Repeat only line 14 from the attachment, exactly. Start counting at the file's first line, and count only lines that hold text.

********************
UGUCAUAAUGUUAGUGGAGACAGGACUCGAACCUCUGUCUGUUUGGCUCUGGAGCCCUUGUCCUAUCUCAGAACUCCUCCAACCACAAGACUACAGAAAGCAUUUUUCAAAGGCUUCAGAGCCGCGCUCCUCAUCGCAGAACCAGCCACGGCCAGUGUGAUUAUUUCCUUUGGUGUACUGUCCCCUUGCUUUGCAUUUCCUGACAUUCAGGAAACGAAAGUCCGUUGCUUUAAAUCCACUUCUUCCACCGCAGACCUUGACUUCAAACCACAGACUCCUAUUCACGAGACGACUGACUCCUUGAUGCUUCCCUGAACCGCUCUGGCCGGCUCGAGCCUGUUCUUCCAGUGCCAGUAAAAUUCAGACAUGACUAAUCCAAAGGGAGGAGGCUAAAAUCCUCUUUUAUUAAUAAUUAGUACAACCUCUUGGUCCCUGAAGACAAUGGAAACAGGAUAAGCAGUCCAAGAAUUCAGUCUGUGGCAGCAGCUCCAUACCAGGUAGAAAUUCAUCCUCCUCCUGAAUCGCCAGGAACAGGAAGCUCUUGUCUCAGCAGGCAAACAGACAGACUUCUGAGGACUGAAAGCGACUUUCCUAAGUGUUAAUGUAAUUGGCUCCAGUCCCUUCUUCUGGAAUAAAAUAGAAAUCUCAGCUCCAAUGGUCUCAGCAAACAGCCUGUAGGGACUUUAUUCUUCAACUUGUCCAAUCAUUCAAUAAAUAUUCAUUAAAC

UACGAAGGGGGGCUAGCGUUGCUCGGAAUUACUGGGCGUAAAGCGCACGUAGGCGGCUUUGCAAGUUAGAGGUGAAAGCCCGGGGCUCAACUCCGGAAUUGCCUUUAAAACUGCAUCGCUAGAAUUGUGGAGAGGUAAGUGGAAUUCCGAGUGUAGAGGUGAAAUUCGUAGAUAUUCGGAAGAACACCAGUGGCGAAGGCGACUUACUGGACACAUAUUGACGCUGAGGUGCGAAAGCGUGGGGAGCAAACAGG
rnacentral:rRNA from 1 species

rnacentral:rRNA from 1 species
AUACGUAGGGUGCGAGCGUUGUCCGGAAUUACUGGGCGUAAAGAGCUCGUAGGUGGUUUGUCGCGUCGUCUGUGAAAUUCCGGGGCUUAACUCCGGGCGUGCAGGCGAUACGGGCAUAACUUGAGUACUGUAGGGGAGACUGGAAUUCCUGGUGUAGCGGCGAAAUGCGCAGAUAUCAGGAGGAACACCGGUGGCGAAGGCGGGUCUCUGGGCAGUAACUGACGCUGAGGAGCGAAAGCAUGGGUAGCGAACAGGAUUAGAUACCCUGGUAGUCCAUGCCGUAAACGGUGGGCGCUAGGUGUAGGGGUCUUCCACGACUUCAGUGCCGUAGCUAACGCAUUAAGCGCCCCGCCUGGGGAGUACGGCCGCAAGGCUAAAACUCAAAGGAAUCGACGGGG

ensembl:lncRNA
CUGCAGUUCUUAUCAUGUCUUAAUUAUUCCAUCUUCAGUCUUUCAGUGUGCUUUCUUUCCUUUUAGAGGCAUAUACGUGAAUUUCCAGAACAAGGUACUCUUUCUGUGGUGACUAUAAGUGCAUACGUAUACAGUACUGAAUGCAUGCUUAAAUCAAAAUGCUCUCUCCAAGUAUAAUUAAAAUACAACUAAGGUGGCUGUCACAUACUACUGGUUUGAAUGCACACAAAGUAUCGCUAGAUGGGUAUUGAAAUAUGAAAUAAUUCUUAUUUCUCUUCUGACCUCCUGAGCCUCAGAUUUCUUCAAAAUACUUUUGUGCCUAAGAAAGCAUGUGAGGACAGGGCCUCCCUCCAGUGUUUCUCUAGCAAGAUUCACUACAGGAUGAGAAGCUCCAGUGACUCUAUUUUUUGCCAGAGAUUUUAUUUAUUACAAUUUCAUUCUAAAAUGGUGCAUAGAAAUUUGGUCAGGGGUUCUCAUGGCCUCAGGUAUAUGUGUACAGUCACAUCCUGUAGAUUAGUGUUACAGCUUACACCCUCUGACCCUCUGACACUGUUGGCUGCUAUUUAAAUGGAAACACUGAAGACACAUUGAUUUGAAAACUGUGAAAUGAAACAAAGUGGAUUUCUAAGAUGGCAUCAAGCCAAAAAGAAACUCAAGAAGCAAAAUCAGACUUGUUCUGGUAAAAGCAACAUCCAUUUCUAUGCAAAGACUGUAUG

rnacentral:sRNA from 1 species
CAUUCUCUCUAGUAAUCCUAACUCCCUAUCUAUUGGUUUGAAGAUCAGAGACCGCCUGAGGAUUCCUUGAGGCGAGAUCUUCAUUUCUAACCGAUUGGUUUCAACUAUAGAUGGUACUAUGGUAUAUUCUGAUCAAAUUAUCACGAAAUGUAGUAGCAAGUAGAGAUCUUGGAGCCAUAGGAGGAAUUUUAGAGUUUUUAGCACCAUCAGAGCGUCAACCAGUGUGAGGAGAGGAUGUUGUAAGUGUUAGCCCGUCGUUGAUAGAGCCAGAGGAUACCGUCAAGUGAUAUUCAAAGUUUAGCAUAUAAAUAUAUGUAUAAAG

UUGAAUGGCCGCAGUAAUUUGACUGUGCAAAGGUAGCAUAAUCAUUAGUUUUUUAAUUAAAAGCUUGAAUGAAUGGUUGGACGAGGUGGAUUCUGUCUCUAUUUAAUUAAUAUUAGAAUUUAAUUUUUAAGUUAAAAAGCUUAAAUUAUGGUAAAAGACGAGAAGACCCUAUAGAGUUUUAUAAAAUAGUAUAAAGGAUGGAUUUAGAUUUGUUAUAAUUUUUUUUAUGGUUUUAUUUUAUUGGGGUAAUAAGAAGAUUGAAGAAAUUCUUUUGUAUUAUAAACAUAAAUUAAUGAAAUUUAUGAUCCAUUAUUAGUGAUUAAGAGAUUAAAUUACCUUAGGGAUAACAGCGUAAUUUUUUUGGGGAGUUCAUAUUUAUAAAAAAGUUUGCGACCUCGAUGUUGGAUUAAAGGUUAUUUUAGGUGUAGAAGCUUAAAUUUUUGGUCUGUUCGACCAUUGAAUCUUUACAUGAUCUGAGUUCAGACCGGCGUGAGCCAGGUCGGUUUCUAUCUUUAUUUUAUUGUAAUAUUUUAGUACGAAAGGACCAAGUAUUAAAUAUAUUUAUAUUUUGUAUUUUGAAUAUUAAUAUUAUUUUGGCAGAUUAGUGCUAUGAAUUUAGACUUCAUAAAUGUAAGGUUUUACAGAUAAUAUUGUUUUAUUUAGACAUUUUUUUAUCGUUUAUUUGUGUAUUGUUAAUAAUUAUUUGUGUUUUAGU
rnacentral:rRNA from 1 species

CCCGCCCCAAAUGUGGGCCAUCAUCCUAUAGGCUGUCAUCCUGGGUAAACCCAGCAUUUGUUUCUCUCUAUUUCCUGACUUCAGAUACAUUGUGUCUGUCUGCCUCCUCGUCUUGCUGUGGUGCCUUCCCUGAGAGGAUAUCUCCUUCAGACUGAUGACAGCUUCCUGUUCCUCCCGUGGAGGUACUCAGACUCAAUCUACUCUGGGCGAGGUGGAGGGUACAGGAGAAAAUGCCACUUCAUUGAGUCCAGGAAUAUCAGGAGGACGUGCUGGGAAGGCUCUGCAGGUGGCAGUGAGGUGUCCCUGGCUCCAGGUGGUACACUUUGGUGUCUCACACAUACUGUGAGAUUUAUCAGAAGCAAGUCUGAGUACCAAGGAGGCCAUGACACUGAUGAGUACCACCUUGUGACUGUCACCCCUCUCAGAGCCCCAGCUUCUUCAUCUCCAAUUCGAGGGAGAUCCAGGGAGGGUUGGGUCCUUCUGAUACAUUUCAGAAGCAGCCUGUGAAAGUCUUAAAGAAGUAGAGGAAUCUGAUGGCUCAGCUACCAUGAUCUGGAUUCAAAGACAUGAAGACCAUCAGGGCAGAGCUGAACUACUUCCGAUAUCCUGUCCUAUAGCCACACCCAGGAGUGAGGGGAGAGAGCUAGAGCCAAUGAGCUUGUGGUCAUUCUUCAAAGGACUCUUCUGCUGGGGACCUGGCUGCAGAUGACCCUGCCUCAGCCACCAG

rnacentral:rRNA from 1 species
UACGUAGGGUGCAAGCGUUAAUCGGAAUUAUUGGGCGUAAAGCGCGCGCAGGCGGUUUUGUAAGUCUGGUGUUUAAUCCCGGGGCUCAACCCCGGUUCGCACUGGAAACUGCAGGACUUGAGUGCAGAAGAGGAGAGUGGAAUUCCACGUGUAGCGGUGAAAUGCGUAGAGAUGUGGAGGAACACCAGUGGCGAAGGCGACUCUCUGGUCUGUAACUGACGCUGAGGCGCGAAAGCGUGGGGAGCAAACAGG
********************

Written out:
UACGUAGGGUGCAAGCGUUAAUCGGAAUUAUUGGGCGUAAAGCGCGCGCAGGCGGUUUUGUAAGUCUGGUGUUUAAUCCCGGGGCUCAACCCCGGUUCGCACUGGAAACUGCAGGACUUGAGUGCAGAAGAGGAGAGUGGAAUUCCACGUGUAGCGGUGAAAUGCGUAGAGAUGUGGAGGAACACCAGUGGCGAAGGCGACUCUCUGGUCUGUAACUGACGCUGAGGCGCGAAAGCGUGGGGAGCAAACAGG